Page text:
Business of Design

How Disneyland, Dodger Stadium, and the Castello di Rivoli Museum Could Turn Around the Vaccine Rollout

The decimated travel industry has provided key contributions during the coronavirus pandemic; now, tourism venues and cultural institutions are converting into super vaccine sites.

Photo by Laurian Ghinitoiu.

The Download: The travel industry—one of the hardest hit by the pandemic with nearly 40 percent of workers out of their jobs—is coming out of the bullpen to help close out Covid-19 thanks to tourism and entertainment venues that are transforming into super vaccine centers.

From the Castello di Rivoli Museum outside of Turin, Italy, and London’s Science Museum to Disneyland and Dodger Stadium in L.A., large-scale public spaces are expected to bolster the effort to put needles in arms, which thus far has been widely criticized for its slow rollout. Even former hedonist playgrounds like the Encore Las Vegas are signing up for the cause. While the estimated inoculations vary—12,000 at Dodger Stadium, 7,000 at Disneyland, hundreds at Encore—health officials welcome the increase in capacity as they get the program on track.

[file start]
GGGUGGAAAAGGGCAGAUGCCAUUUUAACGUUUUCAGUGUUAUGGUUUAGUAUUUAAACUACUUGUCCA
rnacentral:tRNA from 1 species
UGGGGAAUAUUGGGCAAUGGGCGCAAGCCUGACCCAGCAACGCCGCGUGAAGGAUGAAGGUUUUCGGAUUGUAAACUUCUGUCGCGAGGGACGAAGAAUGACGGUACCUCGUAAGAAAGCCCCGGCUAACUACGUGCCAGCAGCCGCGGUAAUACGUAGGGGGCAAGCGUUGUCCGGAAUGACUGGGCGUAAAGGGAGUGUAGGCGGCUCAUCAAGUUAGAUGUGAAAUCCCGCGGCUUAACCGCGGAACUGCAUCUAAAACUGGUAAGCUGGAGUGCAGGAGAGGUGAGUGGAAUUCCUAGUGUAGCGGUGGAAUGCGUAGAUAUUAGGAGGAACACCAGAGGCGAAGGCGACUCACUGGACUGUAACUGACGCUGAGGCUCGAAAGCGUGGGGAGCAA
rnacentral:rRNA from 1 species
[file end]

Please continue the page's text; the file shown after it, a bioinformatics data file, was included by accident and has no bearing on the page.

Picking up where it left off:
Why It Matters: It’s not the first time travel-related institutions have lent their assistance during Covid-19. San Francisco International Airport was the first rapid testing site in the U.S., luxury hotels such as Claridges in London and the Four Seasons in New York have housed frontline doctors and nurses, and XpresSpa, the ubiquitous chair massage and manicure outlet in airports all over the world, has now converted its spaces into testing facilities.

In Their Own Words: “Art has always helped, healed, and cured—indeed, some of the first museums in the world were hospitals,” Castello di Rivoli director Carolyn Christov-Bakargiev said in a statement. “Now we are repaying the favor, so to speak, and opening Castello di Rivoli’s galleries for the vaccine effort. Our museum—in a baroque palazzo—is well-equipped for this. We have enough space for a safe, socially distanced vaccine center, and our friendly guides are well-trained in monitoring the public. But beyond that, we—and all public museums—are committed to creating an accessible, pluralistic space to serve our community. Even while our exhibitions are closed, our buildings can continue to serve this purpose and fulfill our mission: Arte cura—art helps.”

Surface Says: Who better to handle mass mobilization and crowd control than the travel industry?

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